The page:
Senior Project Officer, Tourist Bunagalow, Nangal.

22.

Satluj Sadan Rest House, Nangal

6

Chief Engineer, Irregation, Bhakra-Beas Management Board, Nangal.

 

 

           

 

 

APPENDIX -  III

(Vide page 221)

Post Offices in the Rupnagar District as on 31 March 1984

            Head Post Office                                                        Branch Post Office

Rupnagar (HSG-II), C.O., P.C.O.

1

Jhallaina Khurd

MPO

 

 

2

Kotla Nihand

 

 

 

3.

Malikpur

MPO

 

 

4.

Phulpur Grewal

 

 

            Sub-Post Offices

1.

College Road, Rupnagar. No. Dely., T.S.O.

 

 

 

2.

Motor terminus, Rupnagar. No. Dely., T.S.O.

 

 

 

3.

Thermal Plant Colony Rupnagar No. Dely., T.S.O.

 

 

 

4.

Mini Secretariat Rupnagar No. Dely., T.S.O.

 

 

 

5.

Anandpur Sahib P.C.O., C.O.(LSG)

 

 

 

6.

Shri Dashmesh Academy Anandpur Sahib No. Dely., T.S.O.

 

 

 

7.

Beal, P.C.O., C.O.

1

Bazidpur

 

 

 

2

Bari Jhallian

 

 

 

3

Bhoje Majra

 

 

 

4

Behrampur Bet

 

 

 

5

Bhalian

MPO

 

 

6

Bhairon Majra

 

 

 

7

Hafizsbad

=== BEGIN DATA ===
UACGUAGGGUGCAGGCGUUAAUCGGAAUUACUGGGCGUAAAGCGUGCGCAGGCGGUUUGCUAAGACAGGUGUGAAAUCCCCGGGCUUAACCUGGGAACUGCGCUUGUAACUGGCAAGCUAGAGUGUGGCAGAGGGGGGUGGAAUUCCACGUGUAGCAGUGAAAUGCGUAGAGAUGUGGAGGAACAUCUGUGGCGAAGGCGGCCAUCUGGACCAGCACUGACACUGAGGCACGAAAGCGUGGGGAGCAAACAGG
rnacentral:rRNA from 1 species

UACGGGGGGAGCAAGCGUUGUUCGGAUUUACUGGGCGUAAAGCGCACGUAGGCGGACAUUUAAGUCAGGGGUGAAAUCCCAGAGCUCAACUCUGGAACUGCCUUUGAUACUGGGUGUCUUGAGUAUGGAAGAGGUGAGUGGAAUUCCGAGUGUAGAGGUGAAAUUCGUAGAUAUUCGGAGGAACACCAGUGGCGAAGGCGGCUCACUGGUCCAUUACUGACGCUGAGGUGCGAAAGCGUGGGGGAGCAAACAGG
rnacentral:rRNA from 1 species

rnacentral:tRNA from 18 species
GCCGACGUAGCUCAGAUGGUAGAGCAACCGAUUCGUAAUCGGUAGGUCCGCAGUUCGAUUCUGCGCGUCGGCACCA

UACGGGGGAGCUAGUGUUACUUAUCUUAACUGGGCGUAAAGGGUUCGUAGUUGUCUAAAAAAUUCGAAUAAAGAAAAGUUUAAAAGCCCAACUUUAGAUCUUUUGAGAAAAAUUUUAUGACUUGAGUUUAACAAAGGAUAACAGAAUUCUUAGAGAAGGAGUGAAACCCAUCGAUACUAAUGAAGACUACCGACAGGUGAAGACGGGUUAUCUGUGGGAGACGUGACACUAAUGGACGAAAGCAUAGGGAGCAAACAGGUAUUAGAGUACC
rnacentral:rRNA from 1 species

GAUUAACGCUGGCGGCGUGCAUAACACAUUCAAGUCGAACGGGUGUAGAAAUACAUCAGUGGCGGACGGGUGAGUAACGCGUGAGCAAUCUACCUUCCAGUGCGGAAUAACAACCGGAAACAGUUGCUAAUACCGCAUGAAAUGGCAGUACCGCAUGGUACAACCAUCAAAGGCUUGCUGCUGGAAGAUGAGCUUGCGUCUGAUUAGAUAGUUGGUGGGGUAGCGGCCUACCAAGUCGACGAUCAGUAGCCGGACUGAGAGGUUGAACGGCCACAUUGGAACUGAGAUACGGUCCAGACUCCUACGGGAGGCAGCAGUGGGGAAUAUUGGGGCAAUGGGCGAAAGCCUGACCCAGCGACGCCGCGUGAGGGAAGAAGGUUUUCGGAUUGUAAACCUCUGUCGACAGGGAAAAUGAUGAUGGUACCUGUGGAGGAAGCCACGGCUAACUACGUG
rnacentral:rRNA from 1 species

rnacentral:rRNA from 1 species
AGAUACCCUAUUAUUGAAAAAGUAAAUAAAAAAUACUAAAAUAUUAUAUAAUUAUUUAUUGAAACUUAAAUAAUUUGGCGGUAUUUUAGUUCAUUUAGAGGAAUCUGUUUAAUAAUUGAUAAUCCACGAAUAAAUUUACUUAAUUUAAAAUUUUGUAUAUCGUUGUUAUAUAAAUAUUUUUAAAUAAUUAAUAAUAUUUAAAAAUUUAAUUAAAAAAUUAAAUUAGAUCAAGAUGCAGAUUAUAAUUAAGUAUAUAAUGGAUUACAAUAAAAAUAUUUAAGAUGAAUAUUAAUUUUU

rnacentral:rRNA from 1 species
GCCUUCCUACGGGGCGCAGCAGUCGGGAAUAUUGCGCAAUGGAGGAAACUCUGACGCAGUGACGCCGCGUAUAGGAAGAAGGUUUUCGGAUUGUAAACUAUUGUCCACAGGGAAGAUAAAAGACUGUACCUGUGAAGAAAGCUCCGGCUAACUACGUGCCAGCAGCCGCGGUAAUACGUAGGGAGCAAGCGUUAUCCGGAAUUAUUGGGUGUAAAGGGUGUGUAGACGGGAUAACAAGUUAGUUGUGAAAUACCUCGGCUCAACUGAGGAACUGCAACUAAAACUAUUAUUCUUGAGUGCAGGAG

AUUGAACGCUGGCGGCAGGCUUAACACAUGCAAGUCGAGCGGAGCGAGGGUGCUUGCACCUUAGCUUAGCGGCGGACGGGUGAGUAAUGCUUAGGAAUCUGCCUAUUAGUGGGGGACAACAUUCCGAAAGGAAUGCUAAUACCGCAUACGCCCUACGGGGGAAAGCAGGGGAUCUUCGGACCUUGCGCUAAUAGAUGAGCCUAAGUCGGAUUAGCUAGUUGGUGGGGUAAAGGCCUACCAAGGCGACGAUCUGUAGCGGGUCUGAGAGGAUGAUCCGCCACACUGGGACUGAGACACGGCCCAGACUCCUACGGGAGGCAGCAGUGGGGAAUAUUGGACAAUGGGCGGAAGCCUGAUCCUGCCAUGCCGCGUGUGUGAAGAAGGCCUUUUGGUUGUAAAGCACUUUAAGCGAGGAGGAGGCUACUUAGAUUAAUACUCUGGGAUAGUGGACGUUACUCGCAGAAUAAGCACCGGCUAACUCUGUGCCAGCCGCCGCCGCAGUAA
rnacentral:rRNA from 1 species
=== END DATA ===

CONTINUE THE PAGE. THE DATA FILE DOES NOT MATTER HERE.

8

Jatana

MPO

 

 

9

Kheri Salabatpur

 

 

 

 

 

 

8.

Bharatgarh

1

Bharatgarh Canal Colony

MPO

 

 

2

Gardley

MPO

 

 

 

 

 

9.

Chamkaur Sahib, P.C.O., C.O.

1

Bhaku Majra

 

 

 

2

Katlaur

MPO

 

 

3

Manali

 

 

 

4

Rattangarh

MPO

 

 

5

Sandhwan

 

 

 

 

 

 

10.

Ganguwal, P.C.O., C.O.

1

Bhanupli

MPO

 

 

2

Darauli

MPO

 

 

3

Dhirpur

MPO

 

 

4

Jand Bari

MPO

 

 

5

Thuluh

 

 

 

6

Mangewal

MPO

 

 

7

Kamhera

MPO

 

 

8

Majari

 

 

 

 

 

 

11.

Ghanauli, S.O., C.O.

1

Lodhimajra

 

 

 

2.

Nangal Sirsa

 

 

 

 

 

 

12.

Gharuan, P.C.O., C.O.

1

Bassian Brahmanan

 

 

 

2

Marauli Kalan

MPO

 

 

3

Garangan

 

 

 

4

Shakrullapur

MPO

 

 

 

 

 

13.

Kharar (LSG) P.C.O., C.O.

1

Chotla Khurd

 

 

 

2.

Daon

MPO

 

 

3

Naya Shahar

MPO

 

 

4

Palheri

 

 

 

5

Rurki Pukhta

 

 

 

6

Jandpur

MPO

 

 

7

Textile Colony, Kharar

MPO

 

 

8.

Radiala

 

 

 

9.

Daoon Majra

MPO


 

            Sub Post Offices                                                  Branch Post Offices         

14.

Kurali (LSG) P.C.O., C.O.

1

Allapur

 

 

 

2

Bur Majra

 

 

 

3

Chintgarh

 

 

 

4

Dhanauri

 

 

 

5

Jhingran

 

 

 

6

Kalewal

MPO

 

 

7

Kishanpura

MPO

 

 

8

Mundian Kalan

 

 

 

9

Sihon Majra

 

 

 

10

Singhpura

MPO

 

 

11

Sotal

MPO